How should we frame and serve cultural rights in the digital age ?

Sharing cover

This post gives the core of what I said in the panel on « Legalizing file-sharing: an idea whose time has come – or gone? » in the Information Influx conference organized to celebrate the 25 years of IViR, the Institute of Information Law in Amsterdam on 4 July 2014. The panel brought together 4 people who worked on schemes to permit the legalization of file sharing and remuneration for creators of works that are shared: Neil Netanel, Alexander Peukert, Sévérine Dusollier and myself. Many others were sitting in the room and participated in the discussion.


The question brought to this panel is « Legalizing file-sharing: an idea whose time has come – or gone? ». To answer this question, we need to go to another much more important one : « How should we frame cultural rights in the digital age ? » We have guidance on this from great texts : article 27 of the Universal Declaration of Human Rights and in more precise terms, article 15 of the International Covenant on Economic, Social and Cultural Rights, adopted by all EU countries and signed but not ratified by the US :

Article 15
1. The States Parties to the present Covenant recognize the right of everyone:
(a) To take part in cultural life;
(b) To enjoy the benefits of scientific progress and its applications;
(c) To benefit from the protection of the moral and material interests resulting from any scientific, literary or artistic production of which he is the author.
2. The steps to be taken by the States Parties to the present Covenant to achieve the full realization of this right shall include those necessary for the conservation, the development and the diffusion of science and culture.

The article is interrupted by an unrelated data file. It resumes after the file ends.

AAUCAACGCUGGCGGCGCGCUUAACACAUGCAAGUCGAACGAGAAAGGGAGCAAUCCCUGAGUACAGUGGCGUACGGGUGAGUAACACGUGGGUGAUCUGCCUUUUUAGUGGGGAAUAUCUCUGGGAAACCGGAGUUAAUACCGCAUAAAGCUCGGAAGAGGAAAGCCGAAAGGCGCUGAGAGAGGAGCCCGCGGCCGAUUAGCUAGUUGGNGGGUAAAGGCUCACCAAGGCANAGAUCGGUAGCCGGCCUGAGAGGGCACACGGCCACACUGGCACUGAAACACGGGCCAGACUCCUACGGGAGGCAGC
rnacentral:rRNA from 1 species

3. The States Parties to the present Covenant undertake to respect the freedom indispensable for scientific research and creative activity.
4. The States Parties to the present Covenant recognize the benefits to be derived from the encouragement and development of international contacts and co-operation in the scientific and cultural fields.

These are texts that are contemporary of the development of digital technology (computers for the first, the predecessors of the internet for the second) but it is fair to say that very few anticipated how digital technology would reshape us and our social interactions at the time. That’s precisely why they provide good guidance for us today. These texts pre-date the great brainwashing that occurred in the last 20 years of the 20th century, when the new capabilities of human beings were redefined as a problem. It took me 10 years from 2004 to travel back to what I consider now to be a provisionally sound approach to the definition of cultural rights in the digital age, and it is the end of this messy trajectory that I want to share with you now.
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